"So Called Friend" – Richard remarked, "A short, fairly heavy riff-based piece. I really like what's going on in the verses and bridges."

Track listing[edit]

The band stated that 15 songs were recorded during the Deadwing sessions. The initial release, for Europe, contained only 9 tracks. All versions contain those initial 9 tracks in the same order. For the later U.S. release, an additional track was added on, the 2004 re-recorded version of "Shesmovedon", which was originally released on their 2000 Lightbulb Sun, bringing the total to 10.

The album was also released as a DVD-Audio disc on 10 May 2005 by DTS Entertainment. The disc contains 5.1-channel surround versions of all the tracks from the US CD ("Shesmovedon (2004)" was included as an unlisted extra track.) plus three bonus tracks: "Revenant", "Mother and Child Divided" and "Half-Light", bringing the total to 13 songs.

One more song, "So Called Friend", was released on the "Lazarus" single, bringing it up to 14 songs. There is another song titled "Christenings": while it was never released as a Porcupine Tree song, it was eventually released on Steven Wilson's side project, Blackfield's 2007 album Blackfield II. An instrumental demo called "Collecting Space" made in 2003 during writing sessions for Deadwing, but never recorded by the band. A proper version of this piece was released on the limited edition of Wilson's first solo album Insurgentes as an bonus track. Another possible song from this time is "Godfearing", which was later released on the web and of which Wilson doesn't recall the exact recording period, but it was either during Deadwing or In Absentia.

Original European edition
4."Halo"Barbieri, Edwin, Harrison, Wilson4:38
5."Arriving Somewhere but Not Here"Wilson12:02
6."Mellotron Scratch"Wilson6:57
7."Open Car"Wilson3:46
8."Start of Something Beautiful"Harrison, Wilson7:39
9."Glass Arm Shattering"Barbieri, Edwin, Harrison, Wilson6:17
American edition
10."Shesmovedon (2004)"Wilson4:59
DVD-A edition
11."Mother & Child Divided"Harrison, Wilson6:20
13."Shesmovedon (2004)" (unlisted easter egg track)Wilson4:59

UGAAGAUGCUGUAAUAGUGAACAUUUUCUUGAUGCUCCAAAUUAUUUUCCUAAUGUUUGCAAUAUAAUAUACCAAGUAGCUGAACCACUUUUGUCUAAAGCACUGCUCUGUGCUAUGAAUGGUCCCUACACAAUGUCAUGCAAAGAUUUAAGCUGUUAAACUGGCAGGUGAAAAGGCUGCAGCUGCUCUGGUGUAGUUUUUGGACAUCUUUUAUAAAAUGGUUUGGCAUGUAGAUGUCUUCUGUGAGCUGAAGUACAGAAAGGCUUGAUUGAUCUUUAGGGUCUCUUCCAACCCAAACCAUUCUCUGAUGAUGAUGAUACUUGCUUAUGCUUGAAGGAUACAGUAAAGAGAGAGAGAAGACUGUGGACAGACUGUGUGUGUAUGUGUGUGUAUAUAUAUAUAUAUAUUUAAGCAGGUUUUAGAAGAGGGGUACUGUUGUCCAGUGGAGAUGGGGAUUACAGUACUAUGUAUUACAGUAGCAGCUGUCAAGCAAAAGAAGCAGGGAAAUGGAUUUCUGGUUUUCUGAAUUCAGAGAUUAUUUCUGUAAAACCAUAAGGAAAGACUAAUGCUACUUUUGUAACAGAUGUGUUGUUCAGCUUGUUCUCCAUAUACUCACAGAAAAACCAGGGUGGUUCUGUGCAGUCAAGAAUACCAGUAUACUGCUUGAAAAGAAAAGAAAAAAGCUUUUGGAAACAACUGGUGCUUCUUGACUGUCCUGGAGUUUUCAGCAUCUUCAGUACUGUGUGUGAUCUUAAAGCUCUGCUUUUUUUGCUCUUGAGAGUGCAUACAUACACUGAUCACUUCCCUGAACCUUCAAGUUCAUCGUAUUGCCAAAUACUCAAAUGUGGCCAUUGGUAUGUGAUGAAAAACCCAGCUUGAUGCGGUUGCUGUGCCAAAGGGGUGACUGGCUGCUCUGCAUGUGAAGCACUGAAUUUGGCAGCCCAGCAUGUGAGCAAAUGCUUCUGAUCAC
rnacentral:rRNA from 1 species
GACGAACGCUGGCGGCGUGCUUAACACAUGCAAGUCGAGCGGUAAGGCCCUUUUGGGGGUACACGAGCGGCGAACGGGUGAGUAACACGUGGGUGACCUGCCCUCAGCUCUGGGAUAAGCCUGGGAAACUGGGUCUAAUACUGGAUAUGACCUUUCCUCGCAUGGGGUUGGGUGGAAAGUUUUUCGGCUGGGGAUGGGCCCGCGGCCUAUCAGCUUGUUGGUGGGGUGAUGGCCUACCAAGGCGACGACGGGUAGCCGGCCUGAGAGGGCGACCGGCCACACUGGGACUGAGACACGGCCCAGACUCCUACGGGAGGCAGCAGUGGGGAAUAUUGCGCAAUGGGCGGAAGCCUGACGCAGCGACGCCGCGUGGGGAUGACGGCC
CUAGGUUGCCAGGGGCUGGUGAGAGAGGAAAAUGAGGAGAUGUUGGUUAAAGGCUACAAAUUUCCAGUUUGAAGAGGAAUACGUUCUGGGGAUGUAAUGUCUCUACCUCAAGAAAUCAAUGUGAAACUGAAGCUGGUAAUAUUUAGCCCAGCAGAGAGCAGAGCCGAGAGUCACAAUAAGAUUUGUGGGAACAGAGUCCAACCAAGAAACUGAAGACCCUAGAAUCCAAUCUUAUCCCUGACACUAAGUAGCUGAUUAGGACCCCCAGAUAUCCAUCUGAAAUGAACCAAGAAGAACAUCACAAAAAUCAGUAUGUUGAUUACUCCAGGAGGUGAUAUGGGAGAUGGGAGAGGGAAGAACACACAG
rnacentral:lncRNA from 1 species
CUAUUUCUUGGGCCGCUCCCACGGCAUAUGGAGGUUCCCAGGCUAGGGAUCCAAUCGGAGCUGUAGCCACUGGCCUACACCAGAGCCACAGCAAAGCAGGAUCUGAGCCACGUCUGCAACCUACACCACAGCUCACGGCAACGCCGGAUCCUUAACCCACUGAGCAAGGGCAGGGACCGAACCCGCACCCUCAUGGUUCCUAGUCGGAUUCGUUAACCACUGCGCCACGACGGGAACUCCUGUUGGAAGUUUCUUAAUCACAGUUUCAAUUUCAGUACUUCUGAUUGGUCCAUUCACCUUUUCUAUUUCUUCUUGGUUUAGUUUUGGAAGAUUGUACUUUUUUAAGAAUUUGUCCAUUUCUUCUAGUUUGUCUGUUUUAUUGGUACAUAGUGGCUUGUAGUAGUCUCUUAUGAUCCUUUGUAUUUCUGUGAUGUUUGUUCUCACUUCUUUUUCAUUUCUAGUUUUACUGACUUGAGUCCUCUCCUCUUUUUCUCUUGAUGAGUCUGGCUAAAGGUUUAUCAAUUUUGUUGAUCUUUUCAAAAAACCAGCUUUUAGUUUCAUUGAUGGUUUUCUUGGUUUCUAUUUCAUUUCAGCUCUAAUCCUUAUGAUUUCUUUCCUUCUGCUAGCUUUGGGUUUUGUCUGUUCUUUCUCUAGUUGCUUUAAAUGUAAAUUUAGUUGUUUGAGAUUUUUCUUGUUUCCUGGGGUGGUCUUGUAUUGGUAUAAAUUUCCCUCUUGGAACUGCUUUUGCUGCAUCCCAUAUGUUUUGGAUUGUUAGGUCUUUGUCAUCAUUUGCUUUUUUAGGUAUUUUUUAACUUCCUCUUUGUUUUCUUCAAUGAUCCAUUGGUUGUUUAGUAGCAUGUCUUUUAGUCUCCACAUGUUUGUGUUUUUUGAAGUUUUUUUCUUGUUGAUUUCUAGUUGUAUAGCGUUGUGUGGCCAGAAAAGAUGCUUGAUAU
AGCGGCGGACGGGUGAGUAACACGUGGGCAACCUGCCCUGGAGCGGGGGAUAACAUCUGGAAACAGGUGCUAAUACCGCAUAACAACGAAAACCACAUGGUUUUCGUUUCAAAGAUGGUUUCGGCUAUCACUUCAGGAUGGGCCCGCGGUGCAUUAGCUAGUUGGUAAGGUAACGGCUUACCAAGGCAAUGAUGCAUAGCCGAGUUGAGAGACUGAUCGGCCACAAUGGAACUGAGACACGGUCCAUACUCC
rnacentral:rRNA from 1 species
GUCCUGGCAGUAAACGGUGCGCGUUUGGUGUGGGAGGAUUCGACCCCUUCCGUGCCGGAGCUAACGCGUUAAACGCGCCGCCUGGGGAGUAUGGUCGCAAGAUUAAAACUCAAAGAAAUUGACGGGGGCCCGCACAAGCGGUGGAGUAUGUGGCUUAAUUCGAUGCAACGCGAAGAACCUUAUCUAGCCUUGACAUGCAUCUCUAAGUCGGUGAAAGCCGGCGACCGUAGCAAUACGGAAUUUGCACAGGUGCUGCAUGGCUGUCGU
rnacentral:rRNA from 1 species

LP edition
10."So Called Friend"Barbieri, Edwin, Harrison, Wilson4:49


Deadwing won the "Best Made-For-Surround Title" award for the 2005 Surround Music Awards,[21] and was voted the number 2 album of 2005 in Sound & Vision, which is the most widely distributed US magazine in the field of home electronics and entertainment.[22] In addition to this, the album won the "Album of the Year" award for the 2005 Classic Rock magazine awards.[23] The album was named as one of Classic Rock's 10 essential progressive rock albums of the decade.[24]

Chart positions[edit]

Chart Peak
Billboard 200[25] 132
France[26] 100
Germany 52
Greece[27] 19
Netherlands[28] 56
Poland[29] 11
Sweden[30] 26
Top Heatseekers[25] 4
Top Internet Albums[31] 6
United Kingdom 97
Song Chart Position
"Shallow" Mainstream Rock Tracks[32] 26



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  22. ^ "S&V 2005 Entertainment Awards". February 2006. Archived from the original on 22 November 2007. Retrieved 24 January 2006.
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  24. ^ Classic Rock, February 2010, Issue 141.
  25. ^ a b "Deadwing > Charts > - Artist Chart History - Porcupine Tree". Billboard. 14 May 2005. Retrieved 14 May 2005.
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  32. ^ " - Hot Mainstream Rock Tracks - Shallow". Billboard. 21 May 2005. Archived from the original on 8 September 2014. Retrieved 21 May 2005.